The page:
Encryption is the process through which cryptographers transform secure data into code. Early cryptographers used simple methods like substitution (letter A is read as B, B is read as C, and so forth). Today’s encryption techniques are much more complicated, requiring the aid of complex computer technology to create and decipher. One way data is encrypted is to convert it into a scrambled code of letters and numbers. Only those who possess the key can decipher the encrypted message.

While today’s cryptographers may also turn to other methods for this purpose — algorithms, for instance — encryption is a common practice in cybersecurity. Almost every modern website makes use of encryption; Wired reports that more than half of internet traffic today is encrypted. Diverse industries rely on cybersecurity experts who are adept in cryptography and encryption. Banks need such security measures to protect client information like bank account numbers, names, and home addresses. Social media companies like Facebook rely on encryption to protect users’ posts and messages. Even government agencies use encryption to protect the vast stores of sensitive data in their databases.

Career Prospects in Cybersecurity

Given the ubiquity of cryptography and encryption in the modern world, there’s a growing need for professionals who understand how to design, interpret, and fortify cybersecurity systems. The U.S. Bureau of Labor Statistics (BLS) predicts that jobs in cybersecurity will grow by 32% between 2018 and 2028, much faster than the anticipated national average rate. Not only will there be plenty of stimulating opportunities, but they’ll also be potentially lucrative: According to the BLS, information security analysts earned a median annual salary of $98,350 in 2018.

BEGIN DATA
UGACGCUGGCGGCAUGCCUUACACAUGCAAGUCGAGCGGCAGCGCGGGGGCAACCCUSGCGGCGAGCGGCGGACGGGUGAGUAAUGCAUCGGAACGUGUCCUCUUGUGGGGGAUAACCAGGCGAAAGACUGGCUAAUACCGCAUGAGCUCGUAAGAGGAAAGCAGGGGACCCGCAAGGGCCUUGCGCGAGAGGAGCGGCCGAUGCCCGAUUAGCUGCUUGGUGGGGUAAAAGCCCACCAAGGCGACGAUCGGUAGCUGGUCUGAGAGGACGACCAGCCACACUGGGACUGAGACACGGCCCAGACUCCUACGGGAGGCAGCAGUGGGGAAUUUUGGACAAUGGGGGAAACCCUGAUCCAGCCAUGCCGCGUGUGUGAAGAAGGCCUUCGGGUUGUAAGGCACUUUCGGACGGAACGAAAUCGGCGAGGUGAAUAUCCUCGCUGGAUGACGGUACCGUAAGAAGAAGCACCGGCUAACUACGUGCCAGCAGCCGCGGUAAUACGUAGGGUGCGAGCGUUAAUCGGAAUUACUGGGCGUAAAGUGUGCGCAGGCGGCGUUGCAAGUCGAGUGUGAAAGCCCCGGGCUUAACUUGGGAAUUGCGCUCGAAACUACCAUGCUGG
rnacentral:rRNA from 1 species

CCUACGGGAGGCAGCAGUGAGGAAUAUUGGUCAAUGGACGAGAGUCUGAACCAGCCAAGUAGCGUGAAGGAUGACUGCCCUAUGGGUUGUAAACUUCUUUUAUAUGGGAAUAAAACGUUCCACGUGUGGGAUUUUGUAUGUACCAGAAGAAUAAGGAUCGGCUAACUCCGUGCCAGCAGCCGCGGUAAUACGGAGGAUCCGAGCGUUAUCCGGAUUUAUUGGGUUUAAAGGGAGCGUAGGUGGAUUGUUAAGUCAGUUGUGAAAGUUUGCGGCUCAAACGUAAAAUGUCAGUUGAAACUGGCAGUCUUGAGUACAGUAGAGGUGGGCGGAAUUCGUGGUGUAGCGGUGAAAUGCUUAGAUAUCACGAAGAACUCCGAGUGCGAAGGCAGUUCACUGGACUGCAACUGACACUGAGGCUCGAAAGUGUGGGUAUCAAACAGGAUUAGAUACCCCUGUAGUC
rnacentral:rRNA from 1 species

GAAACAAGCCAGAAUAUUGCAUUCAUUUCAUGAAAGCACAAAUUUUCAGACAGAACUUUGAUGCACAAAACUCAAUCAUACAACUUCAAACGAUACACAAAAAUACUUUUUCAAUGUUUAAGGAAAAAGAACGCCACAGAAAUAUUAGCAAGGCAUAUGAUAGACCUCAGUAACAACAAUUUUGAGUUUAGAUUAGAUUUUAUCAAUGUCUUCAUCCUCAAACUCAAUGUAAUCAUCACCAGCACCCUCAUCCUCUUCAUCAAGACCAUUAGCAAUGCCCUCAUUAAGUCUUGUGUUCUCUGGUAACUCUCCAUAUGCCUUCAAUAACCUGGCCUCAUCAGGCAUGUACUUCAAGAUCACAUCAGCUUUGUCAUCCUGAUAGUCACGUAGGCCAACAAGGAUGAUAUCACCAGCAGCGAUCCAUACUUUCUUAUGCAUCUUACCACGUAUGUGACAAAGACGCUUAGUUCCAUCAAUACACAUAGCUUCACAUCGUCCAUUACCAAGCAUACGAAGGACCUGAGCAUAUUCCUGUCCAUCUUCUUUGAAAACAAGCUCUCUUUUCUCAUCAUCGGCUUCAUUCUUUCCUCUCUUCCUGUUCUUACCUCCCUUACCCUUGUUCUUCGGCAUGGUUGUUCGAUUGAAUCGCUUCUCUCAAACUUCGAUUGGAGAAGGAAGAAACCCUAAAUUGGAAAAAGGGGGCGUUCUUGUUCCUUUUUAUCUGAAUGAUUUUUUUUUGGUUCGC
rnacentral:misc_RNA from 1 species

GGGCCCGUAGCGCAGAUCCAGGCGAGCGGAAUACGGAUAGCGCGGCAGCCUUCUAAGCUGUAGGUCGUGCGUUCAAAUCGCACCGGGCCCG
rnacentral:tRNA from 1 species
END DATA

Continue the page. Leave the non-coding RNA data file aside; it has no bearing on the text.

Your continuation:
How a Master of Science in Cybersecurity Prepares You for Your Career

Those interested in working with cryptography and encryption can prepare for their careers with Maryville University’s online Master of Science in Cyber Security. The curriculum includes courses like Cryptography and Network Security as well as Designing and Implementing Cloud Security, which expose students to current trends in cybersecurity, and Incident Handling and Breaches, which gives them practical skills they’ll use in the workplace. Students gain hands-on experience and learn from real-world case studies, further enabling them to hone relevant skills like critical thinking and problem solving. Maryville’s comprehensive program will leave graduates well prepared to enter the world of cybersecurity.

Recommended Readings:
Computer Science Careers

Master’s in Cyber Security Careers

The Internet of the Future Will Be Bigger, Faster, Safer, and More Private

CNBC, “Two Years After Huge Equifax Breach Was Revealed, Consumers Are Still Too Vulnerable to Identity Theft”

Forbes, “Equifax Becomes First Firm to See Its Outlook Downgraded Due to a Cyber-Attack”

Security Today, “Why Cybersecurity Has Never Been More Important”

Quotium, The Importance of Cryptography

U.S. Bureau of Labor Statistics, “Information Security Analysts”

Wired, “Half the Web Is Now Encrypted. That Makes Everyone Safer”